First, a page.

What happens if an Ohio resident owed you money and passed away before paying you the amount owed? You might have a creditor claim against the estate of the decedent. In Ohio, like most states, there are strict probate procedures and deadlines to follow when you have a creditor claim against an Ohio estate.
What Is A Creditor Claim in Ohio?
A creditor claim is a claim that you present in the estate of a deceased Ohio resident to be paid a debt that the decedent owed you before death.
Common examples of creditor claims are money owed for credit card payments, medical bills, and unpaid utilities. Creditor claims can also be filed for unpaid personal loans or unpaid services.
What Is the Deadline To File A Creditor Claim in Ohio?
Six months after death or 30 days.
Generally, a creditor has to present a claim within six months after the death of the decedent. Section 2117.06 of the Ohio Revised Code states:
(B) Except as provided in section 2117.061 of the Revised Code, all claims shall be presented within six months after the death of the decedent, whether or not the estate is released from administration or an executor or administrator is appointed during that six-month period. Every claim presented shall set forth the claimant’s address.
(C) Except as provided in section 2117.061 of the Revised Code, a claim that is not presented within six months after the death of the decedent shall be forever barred as to all parties, including, but not limited to, devisees, legatees, and distributees. No payment shall be made on the claim and no action shall be maintained on the claim, except as otherwise provided in sections 2117.37 to 2117.42 of the Revised Code with reference to contingent claims.
The 6 month time period can be shortened to 30 days if the fiduciary of the estate sends a creditor notice as set forth in Ohio Revised Code 2117.07. Using this section, the executor or administrator of the estate can accelerate the bar against claims of potential claimants by giving written notice to the potential claimant. Executors will often send this notice to known potential creditors. If the potential creditor fails to present their claim within 30 days of receipt of the notice, their claim is barred.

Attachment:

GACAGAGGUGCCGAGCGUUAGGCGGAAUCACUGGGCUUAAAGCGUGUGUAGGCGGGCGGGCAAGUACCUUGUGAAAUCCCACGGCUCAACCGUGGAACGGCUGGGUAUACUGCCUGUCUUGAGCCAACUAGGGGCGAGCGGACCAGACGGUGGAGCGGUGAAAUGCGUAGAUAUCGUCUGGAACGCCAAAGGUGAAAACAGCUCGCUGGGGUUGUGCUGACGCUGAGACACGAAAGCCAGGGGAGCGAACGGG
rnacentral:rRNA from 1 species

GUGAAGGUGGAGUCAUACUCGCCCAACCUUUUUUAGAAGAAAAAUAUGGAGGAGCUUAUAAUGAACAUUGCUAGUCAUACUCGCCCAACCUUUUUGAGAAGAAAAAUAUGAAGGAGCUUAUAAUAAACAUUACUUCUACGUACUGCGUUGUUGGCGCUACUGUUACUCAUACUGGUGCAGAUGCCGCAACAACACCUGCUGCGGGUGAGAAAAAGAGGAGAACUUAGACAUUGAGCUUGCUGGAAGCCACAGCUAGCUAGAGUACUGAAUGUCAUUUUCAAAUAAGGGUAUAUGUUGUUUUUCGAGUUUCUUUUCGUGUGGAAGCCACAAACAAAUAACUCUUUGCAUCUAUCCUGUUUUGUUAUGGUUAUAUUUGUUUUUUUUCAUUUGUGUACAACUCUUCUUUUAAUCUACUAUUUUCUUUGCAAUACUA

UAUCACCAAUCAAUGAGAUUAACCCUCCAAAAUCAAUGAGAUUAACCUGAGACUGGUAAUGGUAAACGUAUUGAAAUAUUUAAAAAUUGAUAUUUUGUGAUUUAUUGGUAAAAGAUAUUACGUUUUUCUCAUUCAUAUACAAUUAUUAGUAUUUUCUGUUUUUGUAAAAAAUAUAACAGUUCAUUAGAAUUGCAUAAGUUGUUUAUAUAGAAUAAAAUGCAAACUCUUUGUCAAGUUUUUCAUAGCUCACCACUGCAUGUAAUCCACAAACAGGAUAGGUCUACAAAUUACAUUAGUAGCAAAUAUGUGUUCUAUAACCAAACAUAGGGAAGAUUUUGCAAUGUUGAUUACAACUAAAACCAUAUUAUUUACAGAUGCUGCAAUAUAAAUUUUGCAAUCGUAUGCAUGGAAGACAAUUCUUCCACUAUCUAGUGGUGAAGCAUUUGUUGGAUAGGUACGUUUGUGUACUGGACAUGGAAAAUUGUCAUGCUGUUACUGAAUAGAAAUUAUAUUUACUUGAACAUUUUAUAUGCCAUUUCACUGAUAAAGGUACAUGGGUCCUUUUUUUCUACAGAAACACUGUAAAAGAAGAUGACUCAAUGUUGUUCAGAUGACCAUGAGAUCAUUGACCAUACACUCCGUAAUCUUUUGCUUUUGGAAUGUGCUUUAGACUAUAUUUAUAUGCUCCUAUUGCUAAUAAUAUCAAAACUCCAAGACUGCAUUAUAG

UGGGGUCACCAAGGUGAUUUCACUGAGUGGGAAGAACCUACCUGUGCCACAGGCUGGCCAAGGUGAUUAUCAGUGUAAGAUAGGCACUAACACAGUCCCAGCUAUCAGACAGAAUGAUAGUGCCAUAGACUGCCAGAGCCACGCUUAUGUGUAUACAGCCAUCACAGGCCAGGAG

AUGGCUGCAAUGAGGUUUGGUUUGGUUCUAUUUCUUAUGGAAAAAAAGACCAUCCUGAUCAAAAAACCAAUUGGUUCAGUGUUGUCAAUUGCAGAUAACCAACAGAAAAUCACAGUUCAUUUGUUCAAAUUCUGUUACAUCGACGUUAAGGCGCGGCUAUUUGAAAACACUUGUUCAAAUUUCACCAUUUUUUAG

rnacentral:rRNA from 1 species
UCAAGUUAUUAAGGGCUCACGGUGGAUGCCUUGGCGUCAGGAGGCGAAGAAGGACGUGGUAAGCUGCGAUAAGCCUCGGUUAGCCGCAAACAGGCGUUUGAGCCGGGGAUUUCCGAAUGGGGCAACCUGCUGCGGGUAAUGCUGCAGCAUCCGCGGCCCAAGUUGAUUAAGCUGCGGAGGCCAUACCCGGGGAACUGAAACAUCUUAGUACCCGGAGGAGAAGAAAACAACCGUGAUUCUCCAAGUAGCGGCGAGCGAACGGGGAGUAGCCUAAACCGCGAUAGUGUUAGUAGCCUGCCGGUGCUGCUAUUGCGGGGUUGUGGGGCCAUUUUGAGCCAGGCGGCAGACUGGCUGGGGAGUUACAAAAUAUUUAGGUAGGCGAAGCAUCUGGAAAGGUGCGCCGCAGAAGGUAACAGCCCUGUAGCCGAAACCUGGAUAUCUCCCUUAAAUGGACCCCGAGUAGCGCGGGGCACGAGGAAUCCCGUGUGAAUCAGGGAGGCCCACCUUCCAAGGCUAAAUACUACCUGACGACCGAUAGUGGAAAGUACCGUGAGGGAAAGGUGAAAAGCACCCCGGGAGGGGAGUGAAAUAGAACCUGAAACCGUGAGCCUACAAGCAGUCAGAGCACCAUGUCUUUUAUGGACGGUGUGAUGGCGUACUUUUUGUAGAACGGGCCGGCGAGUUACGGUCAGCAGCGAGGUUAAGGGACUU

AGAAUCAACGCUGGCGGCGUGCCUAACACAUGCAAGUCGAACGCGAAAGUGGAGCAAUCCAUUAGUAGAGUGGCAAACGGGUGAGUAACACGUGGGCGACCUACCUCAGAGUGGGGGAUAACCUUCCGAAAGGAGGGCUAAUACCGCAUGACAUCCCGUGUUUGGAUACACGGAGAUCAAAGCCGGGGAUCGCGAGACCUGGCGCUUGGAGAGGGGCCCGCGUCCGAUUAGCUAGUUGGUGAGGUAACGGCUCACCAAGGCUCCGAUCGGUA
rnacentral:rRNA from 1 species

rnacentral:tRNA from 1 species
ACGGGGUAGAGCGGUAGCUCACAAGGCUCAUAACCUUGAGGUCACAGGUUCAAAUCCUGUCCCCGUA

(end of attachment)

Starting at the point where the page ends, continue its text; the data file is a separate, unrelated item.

Can A Creditor Open An Estate In Ohio?
Yes. If a creditor is concerned that an estate will not be open within six months from the decedent’s death, a creditor can petition to open the decedent’s estate.
How Do You Make A Creditor Claim Against An Ohio Estate?
All creditors having claims against an Ohio estate have to present their claims in one of the following ways.
If an executor or administrator has already been appointed and no filing of a final account or a certificate of termination has occurred, the creditor claim can be presented:
- To the executor or administrator in a writing;
- To the executor or administrator in a writing, and to the probate court by filing a copy of the writing with it;
- In a writing that is sent by ordinary mail addressed to the decedent and that is actually received by the executor or administrator within the six month time frame.
If the final account or certificate of termination has been filed, then a creditor claim can be presented in a writing to those distributees of the decedent’s estate who may share liability for the payment of the claim. It is a good idea to present your creditor claim early in the estate administration. See How Long Does Probate Take In Ohio.
The rules for presentation of creditor claims can be found in Ohio Revised Code 2117.06.
Payment of Ohio Creditor Claims
After a creditor claim is presented against the probate estate of an Ohio decedent, the executor may require written proof in support of the claim and an affidavit of the claimant that:
- The claim is justly due;
- No payments have been made on the claim;
- There are no counterclaims against it to the claimant’s knowledge.
This rule and the requirements for the affidavit can be found in Ohio Revised Code 2117.08.
Once a creditor claim is received by the executor or administrator, he or she is supposed to allow or reject the claim within 30 days.
If the executor rejects the claim, the executor must give the claimant written notice of the disallowance of the claim. The creditor has two months from the rejection to bring an action on the claim. If the creditor does not commence an action, the claim will be forever barred. See Ohio Revised Code 2117.12.
How Are Ohio Creditor Claims Paid?
Accepted creditor claims are paid from the decedent’s Ohio probate estate.
If the Ohio probate estate has sufficient assets to pay the debts owed, all of the creditor claims get paid. If not, then the creditor claims get paid according to their class and priority. The order of payment is set forth in Ohio Revised Code 2117.25.